Prostate cancer is more likely to occur in men aged between forty and seventy years old. It is, therefore, important that you should always be on alert in case any symptoms begin to show. This prompts a visit to the doctor within the quickest possible time.
Deciding on whether or not to be screened for prostate cancer is difficult and requires a lot of thought. Consultations with your doctor need to be done thoroughly, especially if there are any symptoms showing. It is also important to gather as much information as possible in order to understand the risks and benefits involved in the treatments that deal with prostate cancer.
What test is done to diagnose prostate cancer?
Prostate cancer can develop very slowly, sometimes making it difficult to detect. However, other cancer cells develop rapidly and are easy to detect. The prostate specific antigen (PSA) screening is the most commonly used test for the diagnosis of prostate cancer. When to begin screening for prostate cancer is usually based on various factors such as:
- Health of the individual
- History of prostate cancer in the family
What are the advantages and disadvantages of PSA tests?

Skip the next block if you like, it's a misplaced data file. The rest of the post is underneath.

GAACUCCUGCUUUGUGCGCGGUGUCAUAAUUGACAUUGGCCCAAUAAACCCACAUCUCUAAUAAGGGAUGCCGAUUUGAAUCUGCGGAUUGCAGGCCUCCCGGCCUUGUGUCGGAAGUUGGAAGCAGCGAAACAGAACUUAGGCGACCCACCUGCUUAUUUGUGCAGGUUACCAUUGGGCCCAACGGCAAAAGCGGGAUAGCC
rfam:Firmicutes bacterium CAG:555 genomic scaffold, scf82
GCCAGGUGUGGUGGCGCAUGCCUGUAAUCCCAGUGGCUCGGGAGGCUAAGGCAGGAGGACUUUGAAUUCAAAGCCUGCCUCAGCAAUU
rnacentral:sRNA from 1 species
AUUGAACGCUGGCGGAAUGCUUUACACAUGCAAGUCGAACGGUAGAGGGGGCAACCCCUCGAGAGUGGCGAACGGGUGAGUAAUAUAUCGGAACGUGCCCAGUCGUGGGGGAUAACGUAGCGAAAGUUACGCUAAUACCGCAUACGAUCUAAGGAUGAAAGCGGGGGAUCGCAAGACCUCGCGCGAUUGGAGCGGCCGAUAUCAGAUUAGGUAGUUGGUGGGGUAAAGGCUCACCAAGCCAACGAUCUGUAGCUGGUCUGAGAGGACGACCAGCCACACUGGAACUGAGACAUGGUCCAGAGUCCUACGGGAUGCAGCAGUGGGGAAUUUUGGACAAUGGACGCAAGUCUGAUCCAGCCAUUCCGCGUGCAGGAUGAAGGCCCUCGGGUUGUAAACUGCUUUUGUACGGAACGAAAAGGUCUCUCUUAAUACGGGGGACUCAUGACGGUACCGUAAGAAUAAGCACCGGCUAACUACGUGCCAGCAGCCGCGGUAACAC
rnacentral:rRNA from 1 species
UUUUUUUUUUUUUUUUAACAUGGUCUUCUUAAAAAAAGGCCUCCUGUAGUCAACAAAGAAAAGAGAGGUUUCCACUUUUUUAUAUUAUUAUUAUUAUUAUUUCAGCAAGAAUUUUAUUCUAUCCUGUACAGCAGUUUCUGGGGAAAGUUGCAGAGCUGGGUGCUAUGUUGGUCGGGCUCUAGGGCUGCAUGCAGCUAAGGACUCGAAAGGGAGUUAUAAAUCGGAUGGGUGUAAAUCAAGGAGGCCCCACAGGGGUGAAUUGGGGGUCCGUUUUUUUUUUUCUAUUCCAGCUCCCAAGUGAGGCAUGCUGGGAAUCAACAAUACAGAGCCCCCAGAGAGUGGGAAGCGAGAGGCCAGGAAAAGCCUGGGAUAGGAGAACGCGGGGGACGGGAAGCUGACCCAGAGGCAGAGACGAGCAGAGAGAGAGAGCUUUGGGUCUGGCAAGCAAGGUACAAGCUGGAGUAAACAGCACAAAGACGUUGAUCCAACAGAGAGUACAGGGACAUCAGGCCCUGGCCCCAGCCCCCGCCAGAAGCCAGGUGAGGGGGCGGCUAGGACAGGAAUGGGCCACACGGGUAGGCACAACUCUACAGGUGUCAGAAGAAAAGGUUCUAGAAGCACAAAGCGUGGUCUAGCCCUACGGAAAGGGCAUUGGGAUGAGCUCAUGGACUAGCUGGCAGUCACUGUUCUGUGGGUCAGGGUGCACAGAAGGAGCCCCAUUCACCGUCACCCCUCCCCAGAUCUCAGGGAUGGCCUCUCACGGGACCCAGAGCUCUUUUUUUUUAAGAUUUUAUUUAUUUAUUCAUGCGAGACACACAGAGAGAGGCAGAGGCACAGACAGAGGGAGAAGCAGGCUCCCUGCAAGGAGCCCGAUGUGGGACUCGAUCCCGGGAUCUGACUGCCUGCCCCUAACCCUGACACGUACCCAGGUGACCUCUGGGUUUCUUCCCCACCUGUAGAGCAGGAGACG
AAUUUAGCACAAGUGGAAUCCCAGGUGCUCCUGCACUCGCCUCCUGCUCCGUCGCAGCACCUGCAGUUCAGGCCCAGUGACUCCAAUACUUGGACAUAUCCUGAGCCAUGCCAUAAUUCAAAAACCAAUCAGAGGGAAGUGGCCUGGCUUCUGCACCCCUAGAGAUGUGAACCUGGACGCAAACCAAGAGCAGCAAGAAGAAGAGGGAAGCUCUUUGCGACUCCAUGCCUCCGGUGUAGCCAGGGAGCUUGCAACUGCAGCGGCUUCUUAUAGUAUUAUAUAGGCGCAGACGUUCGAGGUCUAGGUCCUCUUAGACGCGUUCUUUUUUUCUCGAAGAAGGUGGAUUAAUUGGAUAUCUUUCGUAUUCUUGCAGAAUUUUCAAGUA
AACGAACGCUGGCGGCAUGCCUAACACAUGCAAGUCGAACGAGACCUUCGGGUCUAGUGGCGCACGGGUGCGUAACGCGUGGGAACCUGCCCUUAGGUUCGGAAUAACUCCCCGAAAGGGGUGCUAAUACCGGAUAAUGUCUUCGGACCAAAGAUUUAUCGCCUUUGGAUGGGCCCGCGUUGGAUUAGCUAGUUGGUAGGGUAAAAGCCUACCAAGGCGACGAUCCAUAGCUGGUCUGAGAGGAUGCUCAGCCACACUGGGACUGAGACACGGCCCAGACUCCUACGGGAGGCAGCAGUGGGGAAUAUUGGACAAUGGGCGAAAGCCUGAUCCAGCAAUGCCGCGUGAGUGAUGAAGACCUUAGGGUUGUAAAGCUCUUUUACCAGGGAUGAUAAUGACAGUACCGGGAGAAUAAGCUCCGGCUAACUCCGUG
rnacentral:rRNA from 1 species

Early screening for prostate cancer increases the chances of the cancer being detected and treated early. The PSA test has advantages and disadvantages that come with it. Some of the advantages of this test include:
- Early detection of prostate cancer
- Simple blood test
- It helps men to know whether or not they have cancer
- Prostate cancer can be treated early
However, despite the advantages, PSA tests are accompanied with disadvantages such as inaccurate PSA test results. They may show the presence of cancer when in fact it is not there, or show the absence of the disease when it is there.
If it shows the presence of prostate cancer, you may undergo treatment, when in the real sense, you are not sick. These treatments may result in other problems such as erectile dysfunction and incontinence. Hence, you may end up dealing with problems you didn’t have before. If the PSA test shows the absence of cancer, the cancer may spread, and thus, cause more harm as it will not be treated early.
Being diagnosed with prostate cancer can also cause restlessness. You may begin to feel depressed or traumatized, especially if the cancer is life-threatening. You will, therefore, require every support available from friends and family to cope with the situation.
By analyzing the occurrence of prostate cancer in your family, you will be able to assess the risks and chances of getting prostate cancer. If you have family members who have had it, the risk of getting prostate cancer is higher. It is, therefore, important that you go for a PSA screening at the earliest possible time.
The Bottom Line
Making the decision to go for a prostate cancer screening is entirely dependent on an individual. If symptoms begin to show up, or you get concerned based on your family history of the disease, it is best to consult a doctor for advice on whether to do the screening or not.